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ADMISSIBLE recognized with VTLA’s Excellence in Journalism Award

Tessa and Joanna Award
Virginia Trial Lawyers Association
Tessa Kramer, host of ADMISSIBLE, and Joanna Suyes, President of the Virginia Trial Lawyers Association.

Tessa Kramer, host and reporter for the award-winning podcast ADMISSIBLE: SHREDS OF EVIDENCE, has earned the Virginia Trial Lawyers Association’s (VTLA) Excellence in Journalism Award for her reporting on season one of the show. Kramer was presented with the award at VTLA’s Annual Convention Membership Luncheon at the Omni Shoreham in Washington, D.C. on April 5.

“The investigation behind ADMISSIBLE took years of work, countless documents, lots of dead-ends and dozens of interviews with people generous enough to share their stories. It also required a level of persistence that I couldn’t have kept up without my amazing team (Ellen Horne, Danielle Elliot, Sophie Bearman, Ben Paviour and all our partners at VPM, to name a few),” said Kramer. “At many points along the way, one of them could have pushed to restrict the scope of the reporting. Instead, they encouraged me to keep digging, to ask more questions and to think about systemic problems bigger than one forensic analyst. It’s an honor to be recognized by the Virginia Trial Lawyers Association for that work.”

VTLA’s Excellence in Journalism Award honors an outstanding Virginia journalist who fosters increased public awareness and understanding of our civil or criminal justice system and its effect on Virginians. Established in 1988, the award honors journalists for their accuracy, initiative, originality, tenacity, effectiveness and skill in reporting on a diverse range of topics.

A co-production of VPM, Story Mechanics and iHeartMedia, ADMISSIBLE examines 13 wrongful convictions all tied to one forensic analyst. The analyst – Mary Jane Burton – was hailed as a hero for storing the DNA evidence in a Virginia records facility, and the 13 men were ultimately exonerated. But when Kramer starts investigating, she meets a former lab trainee with a very different – and much darker – story to tell.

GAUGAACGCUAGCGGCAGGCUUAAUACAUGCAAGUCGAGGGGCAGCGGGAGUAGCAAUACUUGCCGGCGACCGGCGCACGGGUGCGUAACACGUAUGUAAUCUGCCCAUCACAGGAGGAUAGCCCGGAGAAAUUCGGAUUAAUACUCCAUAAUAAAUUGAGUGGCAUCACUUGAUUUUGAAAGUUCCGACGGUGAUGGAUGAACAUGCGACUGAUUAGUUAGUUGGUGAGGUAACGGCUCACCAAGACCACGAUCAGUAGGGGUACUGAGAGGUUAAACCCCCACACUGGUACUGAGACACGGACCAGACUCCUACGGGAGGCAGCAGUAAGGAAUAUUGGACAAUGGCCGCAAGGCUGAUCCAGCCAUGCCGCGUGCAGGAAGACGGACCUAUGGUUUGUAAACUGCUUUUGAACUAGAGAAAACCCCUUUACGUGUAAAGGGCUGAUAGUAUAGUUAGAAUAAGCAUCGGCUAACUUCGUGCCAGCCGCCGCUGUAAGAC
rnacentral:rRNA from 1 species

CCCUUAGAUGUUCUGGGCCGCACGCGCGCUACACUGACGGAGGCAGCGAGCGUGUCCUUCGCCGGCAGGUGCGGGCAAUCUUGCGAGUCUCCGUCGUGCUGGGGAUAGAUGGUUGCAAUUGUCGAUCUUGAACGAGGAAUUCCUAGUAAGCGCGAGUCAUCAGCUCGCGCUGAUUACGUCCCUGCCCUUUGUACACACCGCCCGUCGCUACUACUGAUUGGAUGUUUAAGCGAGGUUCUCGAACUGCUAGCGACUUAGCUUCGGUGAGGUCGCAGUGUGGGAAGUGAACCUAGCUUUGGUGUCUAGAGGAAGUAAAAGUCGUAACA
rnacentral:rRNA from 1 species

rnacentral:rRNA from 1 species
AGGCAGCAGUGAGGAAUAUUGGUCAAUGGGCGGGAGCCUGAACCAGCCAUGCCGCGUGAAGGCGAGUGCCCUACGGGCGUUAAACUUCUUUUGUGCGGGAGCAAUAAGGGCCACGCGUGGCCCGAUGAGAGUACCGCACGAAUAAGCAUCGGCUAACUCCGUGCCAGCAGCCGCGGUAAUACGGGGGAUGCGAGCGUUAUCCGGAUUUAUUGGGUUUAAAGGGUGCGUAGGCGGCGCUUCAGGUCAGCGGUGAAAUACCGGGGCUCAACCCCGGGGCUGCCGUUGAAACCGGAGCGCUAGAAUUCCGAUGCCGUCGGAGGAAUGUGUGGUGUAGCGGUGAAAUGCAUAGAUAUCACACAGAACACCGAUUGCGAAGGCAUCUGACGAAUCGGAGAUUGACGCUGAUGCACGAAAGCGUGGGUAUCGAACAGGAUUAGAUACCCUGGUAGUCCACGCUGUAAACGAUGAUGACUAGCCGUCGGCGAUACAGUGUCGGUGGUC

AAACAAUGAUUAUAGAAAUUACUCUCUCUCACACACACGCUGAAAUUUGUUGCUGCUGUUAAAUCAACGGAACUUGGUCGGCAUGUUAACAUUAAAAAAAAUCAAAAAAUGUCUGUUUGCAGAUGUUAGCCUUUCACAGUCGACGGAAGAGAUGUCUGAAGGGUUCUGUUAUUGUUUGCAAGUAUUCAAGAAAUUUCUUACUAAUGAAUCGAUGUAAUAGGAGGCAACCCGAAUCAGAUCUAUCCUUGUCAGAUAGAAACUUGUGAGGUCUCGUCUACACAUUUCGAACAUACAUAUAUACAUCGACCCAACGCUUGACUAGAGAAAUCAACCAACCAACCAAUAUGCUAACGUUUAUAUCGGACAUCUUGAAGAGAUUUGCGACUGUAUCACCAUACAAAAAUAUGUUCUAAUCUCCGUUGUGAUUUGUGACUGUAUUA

“There is a lot of harm in this story that can’t be undone: 13 innocent men (that we know of) who spent years in prison, crime victims wracked with guilt over their role in convicting the wrong person, families left without answers,” said Kramer. “I hope that this award helps to compel leaders in Virginia to do everything possible to rectify the wrongs that were set in motion — and brought to the state’s attention — almost five decades ago.”

The impact of ADMISSIBLE has been felt across Virginia. In January 2024, a state scientific advisory panel recommended action on thousands of past criminal cases involving Burton as a result of the allegations posed by the podcast. In April, the Virginia State Crime Commission was directed by the state to review all the case files of Burton to determine the number of her cases that resulted in convictions, executions, exonerations and more.

ADMISSIBLE’s first season continues to be recognized a year after its initial release. After eclipsing the 1 million downloads milestone in July 2023, the podcast earned a ‘Best Podcast’ award from the National Educational Telecommunications Association (NETA) at the 2023 Public Media Awards. The show also brought home two honors at the 2023 Signal Awards, including a ‘Gold Award’ in the documentary category and a ‘Listener’s Choice Award’ in the same category.

You can listen to ADMISSIBLE on the VPM website here.

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